Huldredrøm: Dream of the Hid-Folk by Christopher R. Knutson

Knutson's romantic tale of trolls, changelings and Norwegian folk high up in the Rondane mountains is a beautiful device for recording some of the ancient folklore of the region.

Knutson's romantic tale of trolls, changelings and Norwegian folk high up in the Rondane mountains is a beautiful device for recording some of the ancient folklore of the region. While the main plot is a fairly predictable rendering of Romeo and Juliet, Knutson paints it with detailed images of his Norwegian heritage, recounting oral tradition in a way that is both alluring and satisfying.
It is hard to know how much of the book is indeed Knutson's own invention, since his blurb states that he has "recorded the eternal Dream of the Hid-folk" – suggesting the main plot itself could perhaps be inspired by an oral diatribe. Extensive endnotes identify some of the myths that have been used to influence the narrative, whilst directing the reader to further sources of information on these traditions.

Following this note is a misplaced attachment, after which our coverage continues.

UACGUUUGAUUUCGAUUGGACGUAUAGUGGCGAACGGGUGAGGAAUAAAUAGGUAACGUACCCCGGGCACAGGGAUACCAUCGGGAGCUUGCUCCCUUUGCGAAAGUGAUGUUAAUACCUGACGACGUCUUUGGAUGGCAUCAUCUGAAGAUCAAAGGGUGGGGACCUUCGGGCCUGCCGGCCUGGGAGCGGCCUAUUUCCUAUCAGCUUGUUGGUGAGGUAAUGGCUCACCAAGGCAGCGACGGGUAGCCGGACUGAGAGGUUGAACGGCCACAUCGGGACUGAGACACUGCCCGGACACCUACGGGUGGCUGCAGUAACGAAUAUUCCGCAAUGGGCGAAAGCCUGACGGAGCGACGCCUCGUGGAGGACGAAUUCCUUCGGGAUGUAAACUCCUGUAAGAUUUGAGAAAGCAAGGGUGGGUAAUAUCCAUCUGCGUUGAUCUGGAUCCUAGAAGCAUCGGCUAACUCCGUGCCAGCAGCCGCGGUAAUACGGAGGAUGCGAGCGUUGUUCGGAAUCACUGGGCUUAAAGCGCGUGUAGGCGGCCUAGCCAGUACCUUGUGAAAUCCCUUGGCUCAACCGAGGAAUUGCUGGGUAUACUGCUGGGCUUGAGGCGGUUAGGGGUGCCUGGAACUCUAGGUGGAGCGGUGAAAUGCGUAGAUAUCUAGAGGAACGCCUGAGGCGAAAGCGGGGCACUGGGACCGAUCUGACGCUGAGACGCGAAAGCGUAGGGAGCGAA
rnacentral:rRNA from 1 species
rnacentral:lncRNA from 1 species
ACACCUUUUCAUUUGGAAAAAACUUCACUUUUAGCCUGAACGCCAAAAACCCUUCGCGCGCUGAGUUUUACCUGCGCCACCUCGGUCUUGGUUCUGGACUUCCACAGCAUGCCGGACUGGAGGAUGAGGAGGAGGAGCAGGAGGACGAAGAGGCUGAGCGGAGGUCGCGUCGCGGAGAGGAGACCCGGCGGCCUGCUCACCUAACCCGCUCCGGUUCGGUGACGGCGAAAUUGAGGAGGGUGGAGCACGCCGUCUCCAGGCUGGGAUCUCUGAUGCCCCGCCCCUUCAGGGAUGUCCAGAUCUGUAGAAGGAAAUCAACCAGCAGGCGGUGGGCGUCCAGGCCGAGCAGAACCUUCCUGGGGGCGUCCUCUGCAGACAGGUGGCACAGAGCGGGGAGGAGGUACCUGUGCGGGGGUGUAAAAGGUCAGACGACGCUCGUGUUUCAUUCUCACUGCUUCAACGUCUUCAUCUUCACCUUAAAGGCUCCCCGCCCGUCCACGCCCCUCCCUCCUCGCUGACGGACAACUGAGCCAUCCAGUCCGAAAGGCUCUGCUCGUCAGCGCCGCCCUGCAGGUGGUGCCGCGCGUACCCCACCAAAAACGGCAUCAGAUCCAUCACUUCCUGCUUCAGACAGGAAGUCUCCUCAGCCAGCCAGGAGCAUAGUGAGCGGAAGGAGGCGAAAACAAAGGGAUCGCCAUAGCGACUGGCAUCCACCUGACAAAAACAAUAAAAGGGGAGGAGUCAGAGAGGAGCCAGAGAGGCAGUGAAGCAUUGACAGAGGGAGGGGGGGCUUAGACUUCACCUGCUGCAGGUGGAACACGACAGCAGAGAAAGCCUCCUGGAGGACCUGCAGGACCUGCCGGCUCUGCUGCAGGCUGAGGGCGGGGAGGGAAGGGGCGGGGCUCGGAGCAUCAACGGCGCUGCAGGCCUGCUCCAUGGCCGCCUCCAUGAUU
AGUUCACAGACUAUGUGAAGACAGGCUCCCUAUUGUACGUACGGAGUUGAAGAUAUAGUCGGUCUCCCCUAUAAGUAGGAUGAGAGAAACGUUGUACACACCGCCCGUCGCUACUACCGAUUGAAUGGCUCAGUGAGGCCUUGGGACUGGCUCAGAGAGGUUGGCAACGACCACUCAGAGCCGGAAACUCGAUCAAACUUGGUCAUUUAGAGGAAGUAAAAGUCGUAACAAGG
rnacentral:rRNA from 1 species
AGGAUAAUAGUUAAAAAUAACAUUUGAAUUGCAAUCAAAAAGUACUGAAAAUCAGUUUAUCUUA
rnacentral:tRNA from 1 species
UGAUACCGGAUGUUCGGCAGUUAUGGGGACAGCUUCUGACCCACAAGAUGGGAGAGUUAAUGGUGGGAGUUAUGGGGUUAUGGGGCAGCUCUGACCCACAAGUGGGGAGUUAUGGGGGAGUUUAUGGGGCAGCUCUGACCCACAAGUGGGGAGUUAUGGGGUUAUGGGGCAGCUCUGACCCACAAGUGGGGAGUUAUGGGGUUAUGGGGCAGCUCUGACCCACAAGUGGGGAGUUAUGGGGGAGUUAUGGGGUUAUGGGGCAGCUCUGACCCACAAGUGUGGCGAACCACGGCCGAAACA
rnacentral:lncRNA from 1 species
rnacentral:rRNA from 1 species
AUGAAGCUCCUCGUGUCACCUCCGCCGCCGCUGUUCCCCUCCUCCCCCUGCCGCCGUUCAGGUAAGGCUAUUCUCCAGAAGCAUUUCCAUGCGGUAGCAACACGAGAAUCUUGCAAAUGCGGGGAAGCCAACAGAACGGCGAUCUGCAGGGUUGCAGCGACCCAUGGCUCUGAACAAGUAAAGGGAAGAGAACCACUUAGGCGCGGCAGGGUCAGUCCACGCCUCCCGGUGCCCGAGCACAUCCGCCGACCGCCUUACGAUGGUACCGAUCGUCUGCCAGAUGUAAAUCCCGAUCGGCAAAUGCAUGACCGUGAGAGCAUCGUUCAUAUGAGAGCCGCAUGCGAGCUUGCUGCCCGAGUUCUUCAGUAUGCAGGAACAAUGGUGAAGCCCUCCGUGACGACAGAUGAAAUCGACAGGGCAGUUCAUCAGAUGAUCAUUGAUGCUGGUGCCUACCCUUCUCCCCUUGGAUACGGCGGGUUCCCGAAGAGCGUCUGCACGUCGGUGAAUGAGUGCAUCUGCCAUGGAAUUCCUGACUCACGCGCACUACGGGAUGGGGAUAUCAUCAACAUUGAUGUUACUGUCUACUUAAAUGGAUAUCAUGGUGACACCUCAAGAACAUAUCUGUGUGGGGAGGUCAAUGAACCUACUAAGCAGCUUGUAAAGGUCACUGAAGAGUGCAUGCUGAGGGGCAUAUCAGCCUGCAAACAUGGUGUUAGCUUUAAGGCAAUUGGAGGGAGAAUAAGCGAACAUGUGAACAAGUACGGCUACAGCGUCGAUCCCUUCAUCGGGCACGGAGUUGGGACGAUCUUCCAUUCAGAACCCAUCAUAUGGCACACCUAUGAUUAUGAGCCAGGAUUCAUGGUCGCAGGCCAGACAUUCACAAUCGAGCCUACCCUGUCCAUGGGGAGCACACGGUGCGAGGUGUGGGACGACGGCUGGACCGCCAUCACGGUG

But the writing itself is another deep attraction of this novel. Knutson describes his scenes with all the flow of casual speech, and seamlessly segues into natural dialogue. By doing so, even the most fantastical of scenes – such as the King of the Trolls angrily throwing his minions about – appear as true as those of the village folk farming and feasting. The author's voice is nowhere to be seen, and – although it is easy to recognise early on the usual tale of star-crossed lovers – plot twists are cleverly disguised. As such, instead of groaning at the end that I had expected all the "revelations", I felt uplifted for having been right all along.
The dramatic finale is also well worth the effort. Tales of this kind have a multitude of endings perceived to be traditional, and they each have their dangers and their attractions. Knutson plumps for one of the riskier options, but pulls it off with great aplomb – which he could not have done without first writing in such a way as to help you see the two main characters as thoroughly real, and cajoling you to root for each of their separate, and at times conflicting, causes.
Ultimately, Huldredrøm is a light and fun read, but also one that is highly recommended to anyone interested in the oral traditions of Norway, and their possible impact upon the literature and society of today.
Huldredrøm is available on Amazon and on the author's website, www.christopherknutson.tateauthor.com. Purchasing a copy of the text also entitles the reader to download a free audio version of the book from Tate Publishing.
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